If there’s one thing about Australia that would appeal to a Space program it would be the large amount of unused space, partially due to its inhability. However, dry conditions with a distinct lack of variable weather do make for great launch sites and technology test beds (See the success of Mojave Air and Space Port). So the question remains, why don’t we see more aeronautical innovation coming out of Australia? Well the answer is two fold but I still believe that there is an untapped opportunity for a certain technology to make its name in Australia.

Although Australia is a resource rich country we lack the capital needed to get a space program off the ground. There’s no discounting the fact that space travel is damned expensive and holding onto the talented people required is difficult even for Australia’s current industries. This means that even though we may have the resources and the talent to do it, Australia just can’t really pony up the few billion a year to support what amounts to a glorified science mission. If Australia’s GDP does get up past a certain level, one where the space program was 1% of GDP or so, we might start to see the government looking seriously at such an initiative, but for now it’s too expensive.

Additionally there’s not enough base infrastructure in place for investors and innovators to take the risk of establishing a aeronautical research company anywhere on Australian shores. Typically, whilst Australian airlines are big purchasers of new technology we aren’t active in research and development. Again I’d put this down to our size since we really don’t have enough people to make development of such technology viable.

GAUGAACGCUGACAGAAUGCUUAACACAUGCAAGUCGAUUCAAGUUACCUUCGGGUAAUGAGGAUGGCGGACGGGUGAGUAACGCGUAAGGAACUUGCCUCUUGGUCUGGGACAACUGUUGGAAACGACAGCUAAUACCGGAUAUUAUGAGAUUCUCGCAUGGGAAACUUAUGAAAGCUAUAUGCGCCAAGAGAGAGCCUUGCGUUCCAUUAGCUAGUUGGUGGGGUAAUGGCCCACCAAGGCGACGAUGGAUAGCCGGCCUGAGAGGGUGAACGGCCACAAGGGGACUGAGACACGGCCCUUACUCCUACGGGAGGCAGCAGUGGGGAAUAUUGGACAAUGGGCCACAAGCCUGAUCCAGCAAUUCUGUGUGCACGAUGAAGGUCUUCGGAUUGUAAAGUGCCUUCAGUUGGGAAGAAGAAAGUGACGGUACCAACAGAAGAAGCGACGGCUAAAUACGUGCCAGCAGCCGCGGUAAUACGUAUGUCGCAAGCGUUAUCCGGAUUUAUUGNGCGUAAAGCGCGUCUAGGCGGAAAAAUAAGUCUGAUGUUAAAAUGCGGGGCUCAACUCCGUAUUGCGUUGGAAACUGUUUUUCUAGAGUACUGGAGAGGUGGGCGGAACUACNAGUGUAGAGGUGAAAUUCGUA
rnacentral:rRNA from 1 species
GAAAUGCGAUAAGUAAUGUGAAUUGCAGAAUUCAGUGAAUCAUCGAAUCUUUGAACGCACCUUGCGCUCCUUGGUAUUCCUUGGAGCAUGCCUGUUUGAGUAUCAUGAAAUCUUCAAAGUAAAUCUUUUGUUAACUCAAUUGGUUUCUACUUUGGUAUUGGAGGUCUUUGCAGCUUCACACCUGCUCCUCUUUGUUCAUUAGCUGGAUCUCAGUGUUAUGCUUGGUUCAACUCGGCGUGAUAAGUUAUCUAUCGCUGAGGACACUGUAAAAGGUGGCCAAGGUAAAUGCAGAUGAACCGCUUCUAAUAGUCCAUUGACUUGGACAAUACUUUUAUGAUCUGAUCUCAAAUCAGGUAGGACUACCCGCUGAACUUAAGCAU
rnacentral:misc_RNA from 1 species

However, we do have a massive amount of unused and uninhabitable land right at our doorsteps. Now you may be wondering why this would be useful for testing space technology. Well there’s one kind of tech that requires this much space to be tested safely, the Project Orion. Here’s a video of the idea in action (using normal explosives):


The basic idea behind this kind of rocket is to use nuclear warheads to propel the space craft forward. We all know the devastating power that such devices hold and utilizing them as propulsion is not without its risks. However, even the smallest projected rocket from this technology already passes NASA’s Ares V rocket, and the largest is enough to transport an entire, pre-built city into orbit. Whilst I’m cautious about quoting figures like that it is hard to ignore the lower end of the scale, which would increase our space capability dramatically.

Since we have so much unusable space in the middle of Australia I believe that setting up a base to test this technology on the small scale could be of huge benefit. The risks to people are extremely low, and if we pick the right site the risks to the local flora and fauna could be greatly reduced. It is also a great way to rid ourselves of the nuclear arsenel that has been accumulated over the years.

So, with the resources at hand and a large space to test in, why shouldn’t we give this idea a go?

About the Author

David Klemke

David is an avid gamer and technology enthusiast in Australia. He got his first taste for both of those passions when his father, a radio engineer from the University of Melbourne, gave him an old DOS box to play games on.

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